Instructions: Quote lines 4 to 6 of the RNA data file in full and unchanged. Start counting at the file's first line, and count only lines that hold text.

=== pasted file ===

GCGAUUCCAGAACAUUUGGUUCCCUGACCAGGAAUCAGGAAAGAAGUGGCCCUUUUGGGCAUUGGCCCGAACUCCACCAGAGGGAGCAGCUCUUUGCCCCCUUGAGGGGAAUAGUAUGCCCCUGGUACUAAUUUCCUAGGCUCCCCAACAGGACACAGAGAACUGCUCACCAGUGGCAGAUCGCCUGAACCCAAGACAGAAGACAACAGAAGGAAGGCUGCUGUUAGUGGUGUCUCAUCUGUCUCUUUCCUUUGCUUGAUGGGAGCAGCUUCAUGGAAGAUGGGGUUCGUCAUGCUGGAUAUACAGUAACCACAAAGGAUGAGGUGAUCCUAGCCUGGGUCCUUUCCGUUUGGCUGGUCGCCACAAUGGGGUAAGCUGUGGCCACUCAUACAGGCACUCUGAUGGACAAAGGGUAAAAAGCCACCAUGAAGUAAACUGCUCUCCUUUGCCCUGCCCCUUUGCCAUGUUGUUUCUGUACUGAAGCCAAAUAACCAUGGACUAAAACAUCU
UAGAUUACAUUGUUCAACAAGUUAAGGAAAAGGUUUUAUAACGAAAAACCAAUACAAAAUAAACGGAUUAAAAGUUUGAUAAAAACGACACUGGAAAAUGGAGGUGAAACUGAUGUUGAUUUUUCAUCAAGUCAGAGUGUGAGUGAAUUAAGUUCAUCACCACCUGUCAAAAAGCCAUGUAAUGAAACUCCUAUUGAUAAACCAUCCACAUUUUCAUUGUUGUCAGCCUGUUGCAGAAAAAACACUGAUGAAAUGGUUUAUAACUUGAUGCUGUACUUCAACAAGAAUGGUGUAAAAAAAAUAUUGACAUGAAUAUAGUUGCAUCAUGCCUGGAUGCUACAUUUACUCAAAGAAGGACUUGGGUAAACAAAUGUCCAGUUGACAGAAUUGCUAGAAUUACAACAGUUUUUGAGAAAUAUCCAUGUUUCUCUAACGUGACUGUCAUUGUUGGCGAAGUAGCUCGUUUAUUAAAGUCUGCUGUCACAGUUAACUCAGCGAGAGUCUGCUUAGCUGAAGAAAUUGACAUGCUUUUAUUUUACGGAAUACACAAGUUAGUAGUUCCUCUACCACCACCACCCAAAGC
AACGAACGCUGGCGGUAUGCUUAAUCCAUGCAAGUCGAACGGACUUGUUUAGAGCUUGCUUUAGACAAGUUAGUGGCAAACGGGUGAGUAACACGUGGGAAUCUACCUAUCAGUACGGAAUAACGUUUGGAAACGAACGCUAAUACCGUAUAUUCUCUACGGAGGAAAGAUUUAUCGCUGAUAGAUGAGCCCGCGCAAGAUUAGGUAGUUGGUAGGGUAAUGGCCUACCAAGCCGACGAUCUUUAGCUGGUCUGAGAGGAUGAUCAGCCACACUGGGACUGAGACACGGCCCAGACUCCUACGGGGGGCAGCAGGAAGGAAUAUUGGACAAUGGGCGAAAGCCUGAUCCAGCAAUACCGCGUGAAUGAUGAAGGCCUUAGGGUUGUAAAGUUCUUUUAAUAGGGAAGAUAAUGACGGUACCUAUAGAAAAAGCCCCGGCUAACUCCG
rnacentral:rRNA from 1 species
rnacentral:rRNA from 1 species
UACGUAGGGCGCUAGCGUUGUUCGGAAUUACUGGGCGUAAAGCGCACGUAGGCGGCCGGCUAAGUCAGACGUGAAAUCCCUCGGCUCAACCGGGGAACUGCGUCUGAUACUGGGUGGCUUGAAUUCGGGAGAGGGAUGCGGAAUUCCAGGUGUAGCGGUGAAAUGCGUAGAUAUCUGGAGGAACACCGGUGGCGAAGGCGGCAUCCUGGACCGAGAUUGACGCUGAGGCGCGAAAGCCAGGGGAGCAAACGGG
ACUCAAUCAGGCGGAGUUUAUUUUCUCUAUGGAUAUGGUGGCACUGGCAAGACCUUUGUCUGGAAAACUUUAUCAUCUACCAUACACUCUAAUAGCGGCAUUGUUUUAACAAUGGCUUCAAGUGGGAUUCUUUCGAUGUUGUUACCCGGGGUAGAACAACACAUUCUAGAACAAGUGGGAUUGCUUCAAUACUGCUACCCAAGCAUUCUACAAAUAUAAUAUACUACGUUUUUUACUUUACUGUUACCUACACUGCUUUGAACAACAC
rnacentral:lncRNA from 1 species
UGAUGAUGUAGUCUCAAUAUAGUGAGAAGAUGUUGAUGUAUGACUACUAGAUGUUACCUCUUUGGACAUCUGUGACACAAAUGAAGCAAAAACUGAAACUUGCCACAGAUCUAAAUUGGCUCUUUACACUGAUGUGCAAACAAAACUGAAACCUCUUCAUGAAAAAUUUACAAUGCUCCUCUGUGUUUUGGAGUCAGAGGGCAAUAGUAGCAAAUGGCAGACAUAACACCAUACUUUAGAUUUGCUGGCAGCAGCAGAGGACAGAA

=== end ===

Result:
rnacentral:rRNA from 1 species
rnacentral:rRNA from 1 species
UACGUAGGGCGCUAGCGUUGUUCGGAAUUACUGGGCGUAAAGCGCACGUAGGCGGCCGGCUAAGUCAGACGUGAAAUCCCUCGGCUCAACCGGGGAACUGCGUCUGAUACUGGGUGGCUUGAAUUCGGGAGAGGGAUGCGGAAUUCCAGGUGUAGCGGUGAAAUGCGUAGAUAUCUGGAGGAACACCGGUGGCGAAGGCGGCAUCCUGGACCGAGAUUGACGCUGAGGCGCGAAAGCCAGGGGAGCAAACGGG